Wednesday, April 10, 2013

GrammatiCats: Intensifiers

Hey guys - sorry for the late post today.  Let me tell you, those hyphens will take it right out of you.

So let's kick it back into an easier gear today, with - funnily enough - intensifiers.

Wait, what?

Pinkie Rating: 4

Take a look at Judgmental-Cat here.  What word could we safely delete from this sentence?



Yep: 'really' isn't really carrying any essential weight.  It's acting kinda like that one guy who always sandbags it when you're moving furniture: he LOOKS like he's helping to heft that couch, but really he's just there for the free pizza.

This is one example of an intensifier: a word* used to add emotional emphasis to the word** it modifies.   Basically, it's a verbal underlining of whatever word comes after it, as if to say, "this, but to the max!"

*which happens to be an adverb
**which happens to be an adjective or another adverb

Try this: what words could you use to fill in this blank?



If you said -
  • really
  • very
  • quite
  • so
  • super
  • damn
  • hella
  • awfully
  • totally
  • extremely
  • utterly
  • truly
- or similar, then you've got a natural ear for this intensifier thing.  Notice how the words above are different from a standard adverb.  For example, how would 'surprisingly' be different from the words above?  It's still describing 'nice' and we could still safely delete it, right?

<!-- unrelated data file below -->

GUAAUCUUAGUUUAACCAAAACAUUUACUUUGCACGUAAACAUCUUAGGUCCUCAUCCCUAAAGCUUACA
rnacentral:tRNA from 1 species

True enough!  But it's also introducing a new idea to the sentence.  It's saying, "I did not expect this nap to be very nice, and have been pleasantly surprised to discover that it is, in fact, nice as hell."

What if we used a word like 'somewhat' or 'slightly'?

Likewise, those modify 'nice' and can be deleted, but they don't count as intensifiers, because they're making 'nice' less intense, rather than more so. A better way to say it is that they are not adding emotional emphasis to the words they modify.  (What they are is 'degree adverbs', which mean that they quantify the word they modify - somewhat, profoundly, moderately, pretty, kind of, hardly, scarcely, etc. - but aren't suggesting that you feel a certain way about it.)

Furthermore, English has a number of "part-time" intensifiers.  For example,


In this case, 'sincerely' is an intensifier: it's emotionally emphasizing the same idea already found in 'hope'.  (In other words, it's not like you can hope insincerely - because then it's not really hope at all, is it?)